When Colton Haynes joined CW's Arrow in season two as Roy Harper, it was only a matter of time before he got gussied up in his best red Arrow cosplay as Arsenal -- given that, you know, that's who Roy Harper is in the comics. I mean, he could have been Speedy or, oh, Red Arrow, I guess, but since Speedy is a daft name and they don't even want to call the main guy in the show Green Arrow, they kind of have to go with Arsenal, though that's a rotten codename too. But I digress.
Entertainment Weekly has unveiled the first official look at Colton Haynes in his dark red Robin Hood suit. Doesn't he look brooding and moody and serious? And isn't that an awful lot of lacing?
Universal Cable Productions, the cable and digital arm of NBCUniversal, announced three new projects rooted in the comic book realm, including what will be Planetary and Transmetropolitan writer Warren Ellis' first original series developed especially for television. Additionally, UCP optioned Night Mary, a 2005 IDW drama by Rick Remender and Kieron Dwyer about a young woman trained to enter the dreams of serial killers; and Five Ghosts, the recent critical hit from Image Comics/Black Mask Studios and creators Frank Barbiere and Chris Mooneyham, who tell the story of Fabian Gray, a 1930s adventurer possessed by the spirits of five literary ghosts — Merlin, Robin Hood, Sherlock Holmes, Miyamoto Musashi, and Dracula. Five Ghosts began as a miniseries but its success resulted in an upgrade to ongoing, and now, it seems, an "upgrade" (because comics are the best, obviously) to television.
If Batman ended up in an Arkham Asylum cell, would he be deemed "normal," or would the Gotham facility known for housing the "criminally insane" keep him under lock and key?
In an episode of Batman: The Animated Series called "Dreams in Darkness," the Dark Knight's worst nightmare may have come true when he finds himself being evaluated by psychiatrist Dr. Bartholomew at Arkham Asylum. The doc asserts that Batman is very "ill" and that the one place where "costumed persons with delusional personalities come to find compassionate help" seems like the best place for him. Fighting the onset of paranoid delusions and vivid hallucinations, Batman struggles to reveal the real cause of his insanity: The Scarecrow.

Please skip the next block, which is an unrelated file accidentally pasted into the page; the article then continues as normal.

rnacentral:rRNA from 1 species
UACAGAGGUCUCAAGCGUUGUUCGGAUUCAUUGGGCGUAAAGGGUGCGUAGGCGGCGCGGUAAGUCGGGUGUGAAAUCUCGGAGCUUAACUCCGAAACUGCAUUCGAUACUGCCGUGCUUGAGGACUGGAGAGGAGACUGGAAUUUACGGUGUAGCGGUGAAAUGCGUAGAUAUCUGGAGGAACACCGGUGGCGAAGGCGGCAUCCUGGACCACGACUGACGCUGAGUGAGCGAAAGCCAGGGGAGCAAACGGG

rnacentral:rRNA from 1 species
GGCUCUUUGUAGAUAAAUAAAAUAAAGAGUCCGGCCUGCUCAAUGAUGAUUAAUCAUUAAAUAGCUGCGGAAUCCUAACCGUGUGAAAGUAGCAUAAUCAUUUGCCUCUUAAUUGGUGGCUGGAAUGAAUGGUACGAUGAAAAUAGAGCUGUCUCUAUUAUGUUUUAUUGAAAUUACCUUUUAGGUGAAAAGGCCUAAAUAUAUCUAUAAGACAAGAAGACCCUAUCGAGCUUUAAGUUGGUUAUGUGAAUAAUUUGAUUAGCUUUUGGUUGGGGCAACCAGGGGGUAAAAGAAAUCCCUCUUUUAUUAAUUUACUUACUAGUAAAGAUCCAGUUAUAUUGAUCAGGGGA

In this episode of The Arkham Sessions, we discuss the experience of being hospitalized for psychiatric reasons, the dangers of labeling people with disorders, and the feelings of dehumanization sometimes perceived by patients in the mental health care system.
If you were hoping to see Arrow's Stephen Amell make an appearance as the emerald archer in Batman V Superman: Dawn of Justice or in the upcoming Justice League movie, DC Comics Chief Creative Officer Geoff Johns has some bad news for you.
"We will not be integrating the film and television universes," he said at the Television Critics Association press tour for The Flash. Seems pretty cut and dried.
The early ’90s were spoiled for choice when it came to comic book adaptations. Not only was Batman: The Animated Series on the air, but X-Men led Marvel’s push to get on the small screen, diving right into the often convoluted continuity of everyone’s favorite mutants, luring in a generation of fans, and paving the way for cartoons to follow. That’s why we’ve set out to review every single episode of the ’90s X-Men animated series.
This week, Rogue attempts to lose her v-card and in what is definitely the weirdest episode of the series so far.
Just about one year to the day since Disney Television Animation's Phineas and Ferb enjoyed a visit from the heroes of Marvel Comics -- or an epic crossover event, if you like -- Dan Povenmire and Jeff "Swampy" Marsh' critically acclaimed and very popular musical comedy series will be the first to mashup with Star Wars since creator George Lucas' company was acquired by Disney last year.
Premiering next Saturday, July 26, on Disney XD, Phineas and Ferb: Star Wars takes place in what the studio actually terms "an alternate universe" in which the title characters and their supporting players inhabit the iconic roles of Star Wars Episode IV: A New Hope.
The boutique merchandise arm of the celebrated Austin movie theater the Alamo Drafhouse, Mondo's about to level up with its most ambitious music plan yet: a series of vinyl-only releases of Danny Elfman's music from Batman: The Animated Series.
The producers of NBC's new series Constantine were very chatty at the Television Critics Association meeting this weekend about the series, on topics ranging from lead actress Lucy Griffith's departure from the series to whether the show will explore the magical corners of the DC Universe.
Blastr reported that Executive Producer David S. Goyer says that there's the distinct possibility that lots of DC's occult characters will show up on the show, while Variety quoted him as saying the show won't explore Constantine's bisexuality any time soon. Below are some highlights from the different reports.
The early ’90s were spoiled for choice when it came to comic book adaptations. Not only was Batman: The Animated Series on the air, but X-Men led Marvel’s push to get on the small screen, diving right into the often convoluted continuity of everyone’s favorite mutants, luring in a generation of fans, and paving the way for cartoons to follow. That’s why we’ve set out to review every single episode of the ’90s X-Men animatedseries.
The Justice League movie is still a few years away, but TV is getting more and more versions of the characters from the team seemingly every day.
Earlier this week, news broke that Brandon Routh would be playing The Atom on Arrow, and now Deadline is reporting that Robbie Amell, cousin of Arrow star Stephen Amell, will join his relative in the DC TV universe to play Ronnie Raymond on The Flash. Raymond is (or, technically, is one-half) of the sometimes-Justice Leaguer Firestorm.
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